There's more to selling your property in Portugal
than just dealing with the buyer. There are documents you need to show and costs you need to pay. And of the latter, the capital gains tax is the most important. It's oftentimes the final step the seller has to take to completely and finally let go of the real estate. Do you know about the capital gains tax in Portugal? Do you know how much you have to pay for it? Do you know how you can be exempt from paying it? By knowing the basics of this tax, you'll be more prepared to deal with it when the time comes.
What is Portugal's Capital Gains Tax All About?
Just like in other countries, Portugal imposes a tax on the profit you earn from selling your property. Or more specifically, it's levied on the difference between how much you earned from putting your real estate in Portugal for sale and how much you paid to acquire it in the first place. This is called the capital gains tax and it's among the most important in Portugal's tax system
. It even has different versions depending on your residency status. Non-residents have to pay the capital gains tax in Portugal fairly differently from the way residents do.
Will Your Residency Status Matter?
As previously mentioned, the way residents in Portugal pay the capital gains tax is a little different compared to how non-residents will have to pay it. For starters, the tax is more generous to the former. The capital gains tax is only levied on 50% of the profit residents earn from selling their real estate in Portugal. This means that they have to pay a lot less than what non-residents have to pay. Moreover, they even get to enjoy inflation relief after two years of ownership. The only thing that non-residents have over residents is that their capital gains tax rate is fixed.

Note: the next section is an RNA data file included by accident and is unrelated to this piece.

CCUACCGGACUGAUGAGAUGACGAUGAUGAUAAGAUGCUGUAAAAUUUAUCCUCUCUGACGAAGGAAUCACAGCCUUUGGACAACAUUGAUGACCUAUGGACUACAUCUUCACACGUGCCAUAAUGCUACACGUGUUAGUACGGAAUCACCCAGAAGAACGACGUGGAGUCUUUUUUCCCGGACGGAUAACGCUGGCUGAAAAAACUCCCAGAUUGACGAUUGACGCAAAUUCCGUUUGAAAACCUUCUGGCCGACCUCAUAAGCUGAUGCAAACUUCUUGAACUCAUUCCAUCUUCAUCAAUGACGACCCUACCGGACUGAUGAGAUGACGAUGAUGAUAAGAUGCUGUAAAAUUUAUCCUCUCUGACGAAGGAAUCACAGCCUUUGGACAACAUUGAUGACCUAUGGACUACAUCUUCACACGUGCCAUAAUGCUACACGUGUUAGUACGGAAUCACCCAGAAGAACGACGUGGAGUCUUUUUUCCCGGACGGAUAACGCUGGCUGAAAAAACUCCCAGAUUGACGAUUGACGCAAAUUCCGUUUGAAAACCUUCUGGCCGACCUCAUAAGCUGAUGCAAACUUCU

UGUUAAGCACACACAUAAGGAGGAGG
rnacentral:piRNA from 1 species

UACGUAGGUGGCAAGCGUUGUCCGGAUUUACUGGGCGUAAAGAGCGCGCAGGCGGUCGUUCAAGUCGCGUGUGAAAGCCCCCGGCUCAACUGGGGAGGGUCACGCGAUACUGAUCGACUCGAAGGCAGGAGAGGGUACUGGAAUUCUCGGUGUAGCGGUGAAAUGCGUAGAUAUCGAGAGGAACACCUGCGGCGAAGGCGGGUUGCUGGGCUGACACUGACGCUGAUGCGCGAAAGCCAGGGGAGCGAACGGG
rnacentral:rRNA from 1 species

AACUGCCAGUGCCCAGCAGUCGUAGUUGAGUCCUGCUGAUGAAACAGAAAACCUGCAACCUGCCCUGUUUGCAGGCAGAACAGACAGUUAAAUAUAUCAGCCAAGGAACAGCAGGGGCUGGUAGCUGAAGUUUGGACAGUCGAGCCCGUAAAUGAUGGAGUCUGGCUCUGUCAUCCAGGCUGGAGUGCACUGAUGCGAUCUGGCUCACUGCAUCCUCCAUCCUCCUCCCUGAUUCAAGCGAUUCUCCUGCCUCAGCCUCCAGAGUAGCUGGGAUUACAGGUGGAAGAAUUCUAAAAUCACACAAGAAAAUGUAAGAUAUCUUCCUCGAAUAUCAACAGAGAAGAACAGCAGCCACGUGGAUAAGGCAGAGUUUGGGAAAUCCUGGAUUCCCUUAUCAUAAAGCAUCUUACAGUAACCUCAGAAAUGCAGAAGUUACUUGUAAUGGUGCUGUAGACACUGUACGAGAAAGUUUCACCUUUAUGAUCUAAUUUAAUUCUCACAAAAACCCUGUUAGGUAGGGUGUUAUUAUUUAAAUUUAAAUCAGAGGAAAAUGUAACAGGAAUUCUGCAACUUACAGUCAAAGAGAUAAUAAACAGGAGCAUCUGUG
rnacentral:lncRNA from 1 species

What is The Tax Rate Here?
Here in Portugal, the tax rate for the capital gains tax differs depending on your residency status. Though non-residents have to pay this tax levied on the full amount of the profit they earn, their tax rate is at a fixed 28%. For residents, on the other hand, though they only have to pay the tax that's levied on only half of their profit, their tax rates range from 14.5% to 48%. This is because it's taxed at the income scale rates, making it feel more like another form of one's income tax than a separate capital gains tax. The main principles, however, still apply.
What Can Make You Exempt from This Tax?
Can you be exempted from having to pay the capital gains tax here? The answer is yes, you can. If the real estate in Portugal that you just sold was your main residence in the country, then this exempts you from paying the tax. For residents, you're also exempt if you plan to use the profit you earned in buying a new residence in Portugal. In any case, the exemption is really more about if you lived in the property that you just sold or not. If this doesn't apply to your sale, then you have no choice but to pay the capital gains tax in Portugal.
If you're ever thinking of selling your real estate in Portugal, then you need to look out for the capital gains tax. This is one thing you have to pay to legitimize the sale and make everything official. Not to mention help you avoid legal and financial trouble!